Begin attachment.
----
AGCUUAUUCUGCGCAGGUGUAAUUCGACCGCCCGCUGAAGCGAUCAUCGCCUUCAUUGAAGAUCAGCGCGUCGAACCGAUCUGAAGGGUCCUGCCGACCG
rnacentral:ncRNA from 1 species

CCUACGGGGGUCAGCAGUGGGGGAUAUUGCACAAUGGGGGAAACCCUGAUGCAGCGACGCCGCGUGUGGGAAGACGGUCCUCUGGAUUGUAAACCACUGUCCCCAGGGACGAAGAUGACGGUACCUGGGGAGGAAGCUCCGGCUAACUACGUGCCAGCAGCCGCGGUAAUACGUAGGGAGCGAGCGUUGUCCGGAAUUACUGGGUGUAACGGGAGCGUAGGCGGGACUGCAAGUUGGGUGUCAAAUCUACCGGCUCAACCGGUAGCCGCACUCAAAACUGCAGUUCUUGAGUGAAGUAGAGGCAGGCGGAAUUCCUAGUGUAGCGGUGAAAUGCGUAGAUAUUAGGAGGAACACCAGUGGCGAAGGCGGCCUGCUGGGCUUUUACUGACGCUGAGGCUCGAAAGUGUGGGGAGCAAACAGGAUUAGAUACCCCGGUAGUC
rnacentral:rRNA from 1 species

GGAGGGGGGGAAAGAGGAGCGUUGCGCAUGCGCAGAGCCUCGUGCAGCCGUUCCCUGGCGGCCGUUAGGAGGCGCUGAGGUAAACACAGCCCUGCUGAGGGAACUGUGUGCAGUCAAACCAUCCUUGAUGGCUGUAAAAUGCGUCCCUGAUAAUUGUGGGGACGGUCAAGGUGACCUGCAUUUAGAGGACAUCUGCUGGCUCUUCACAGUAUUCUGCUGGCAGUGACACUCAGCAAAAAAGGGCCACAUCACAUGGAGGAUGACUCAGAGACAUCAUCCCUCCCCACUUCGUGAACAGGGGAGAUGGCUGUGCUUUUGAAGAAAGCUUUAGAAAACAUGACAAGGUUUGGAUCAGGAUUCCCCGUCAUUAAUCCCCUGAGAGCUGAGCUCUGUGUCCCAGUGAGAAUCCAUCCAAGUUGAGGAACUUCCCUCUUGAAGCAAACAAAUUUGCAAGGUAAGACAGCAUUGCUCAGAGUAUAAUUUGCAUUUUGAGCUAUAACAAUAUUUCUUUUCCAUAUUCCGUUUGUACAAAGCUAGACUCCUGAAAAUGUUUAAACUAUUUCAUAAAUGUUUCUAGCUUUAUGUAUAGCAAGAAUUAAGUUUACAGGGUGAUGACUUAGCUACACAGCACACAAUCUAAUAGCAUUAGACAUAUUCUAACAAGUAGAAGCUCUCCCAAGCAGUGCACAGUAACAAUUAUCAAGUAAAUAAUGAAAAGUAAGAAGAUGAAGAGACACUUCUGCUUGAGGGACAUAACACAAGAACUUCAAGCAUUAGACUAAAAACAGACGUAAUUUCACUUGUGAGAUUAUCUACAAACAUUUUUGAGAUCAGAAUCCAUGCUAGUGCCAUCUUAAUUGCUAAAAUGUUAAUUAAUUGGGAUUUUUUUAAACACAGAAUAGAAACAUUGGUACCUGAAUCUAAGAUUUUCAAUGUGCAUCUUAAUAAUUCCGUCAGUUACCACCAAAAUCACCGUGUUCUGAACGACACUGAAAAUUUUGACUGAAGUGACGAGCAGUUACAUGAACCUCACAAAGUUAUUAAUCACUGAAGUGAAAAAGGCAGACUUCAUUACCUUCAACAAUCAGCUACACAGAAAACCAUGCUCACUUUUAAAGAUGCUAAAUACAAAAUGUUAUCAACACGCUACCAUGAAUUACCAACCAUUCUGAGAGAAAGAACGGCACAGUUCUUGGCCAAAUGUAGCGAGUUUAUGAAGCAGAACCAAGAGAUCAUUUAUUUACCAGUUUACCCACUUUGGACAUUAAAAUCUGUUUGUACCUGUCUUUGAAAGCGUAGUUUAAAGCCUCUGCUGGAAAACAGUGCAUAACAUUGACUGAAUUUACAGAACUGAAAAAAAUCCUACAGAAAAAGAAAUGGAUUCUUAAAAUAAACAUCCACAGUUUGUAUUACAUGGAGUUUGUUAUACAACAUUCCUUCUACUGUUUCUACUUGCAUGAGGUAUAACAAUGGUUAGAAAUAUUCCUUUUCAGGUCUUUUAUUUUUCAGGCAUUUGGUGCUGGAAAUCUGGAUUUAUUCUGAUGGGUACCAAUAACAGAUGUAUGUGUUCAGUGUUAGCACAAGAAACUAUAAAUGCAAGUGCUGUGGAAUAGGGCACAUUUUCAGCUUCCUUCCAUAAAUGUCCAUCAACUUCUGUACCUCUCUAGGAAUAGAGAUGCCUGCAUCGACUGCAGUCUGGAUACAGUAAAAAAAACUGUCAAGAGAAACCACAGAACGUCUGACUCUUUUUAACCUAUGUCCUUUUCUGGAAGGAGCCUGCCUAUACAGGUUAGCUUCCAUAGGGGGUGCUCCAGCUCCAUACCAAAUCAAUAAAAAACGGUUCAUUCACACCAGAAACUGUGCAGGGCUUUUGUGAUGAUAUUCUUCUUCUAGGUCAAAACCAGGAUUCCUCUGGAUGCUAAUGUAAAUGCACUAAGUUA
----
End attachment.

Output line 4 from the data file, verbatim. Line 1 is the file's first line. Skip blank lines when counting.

rnacentral:rRNA from 1 species